styles that inspire Visit our showroom to explore the full collection from BainUltra.

649 51st Street East, Saskatoon SK, S7K 7J7 (306) 933-2237 WE NOW SELL LIGHTING.

kitchenandbathclassics.com

A

SHOWROOM

Fall/winter 2017

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from automation to entertainment and more:

The possibilities

are

by Jennifer Jacoby-Smith

G

etting ready to watch the big game? Have a movie night planned with friends? You can get your state-ofthe-art theatre room ready for viewing with a touch of a button thanks to the experts at W. Hunter Electric. And that’s just one of the many cool things the team can create for your home. Owners Wayne and Kim Hunter, along with partner Sheldon Janzen, have over 20 years experience as an electrical contractor in Saskatoon and surrounding area. They do everything you’d expect from a contractor – from upgrading a light fixture or electrical panel to wiring your brand new home. For any project requiring electrical work, they’ve got you covered. “We’ll work with you to do what you

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endless!

need. But, I don’t think that a lot of people are aware that our range of services is as broad as it is or that we have individuals who specialize in designing your home theatre, automating your house or providing you with alternative energy sources,” explains Kim Hunter. Kirby Routledge and Troy Yamniuk, both journeyman electricians, are the company’s specialists in home automation and can design and install almost anything you can dream up. For example, with a touch of a button, switch, or phone app, you can control the lighting in your home, your thermostat, your window blinds, or your audio system on the deck. The list is endless. But, not every system involves an entire home upgrade. One W. Hunter Electric client added automation to his driveway lights – a specific project that involved just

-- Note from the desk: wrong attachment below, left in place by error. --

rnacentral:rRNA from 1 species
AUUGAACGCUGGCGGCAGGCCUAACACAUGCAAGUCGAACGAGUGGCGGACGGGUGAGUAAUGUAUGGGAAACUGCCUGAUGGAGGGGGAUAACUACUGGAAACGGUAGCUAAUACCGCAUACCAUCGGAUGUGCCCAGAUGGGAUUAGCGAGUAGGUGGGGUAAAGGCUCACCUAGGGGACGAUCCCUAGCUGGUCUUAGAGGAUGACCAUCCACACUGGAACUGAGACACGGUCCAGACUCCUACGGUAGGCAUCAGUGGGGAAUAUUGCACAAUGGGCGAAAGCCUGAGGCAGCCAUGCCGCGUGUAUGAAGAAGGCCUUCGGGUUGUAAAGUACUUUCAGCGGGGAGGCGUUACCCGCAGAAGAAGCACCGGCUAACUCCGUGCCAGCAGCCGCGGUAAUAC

a couple of switches. “I think that’s something that most people misunderstand. They think you have to do your whole house. They don’t realize that you have the option to do as little or as much as you want,” adds Hunter. “I think in large part, people think that home automation needs these really big expensive systems and it doesn’t have to be. It can be and we’ve certainly done those big expensive systems, but it doesn’t have to be. If you only want to do a few lights, we can do a few lights. The possibilities are quite endless.” As Yamniuk noted, “No two systems are the same.” Each system is carefully designed to suit the needs of each client. After an initial meeting with the client, the team will create a customized package based on the client’s needs and budget. W. Hunter Electric is Lutron HomeWorks certified.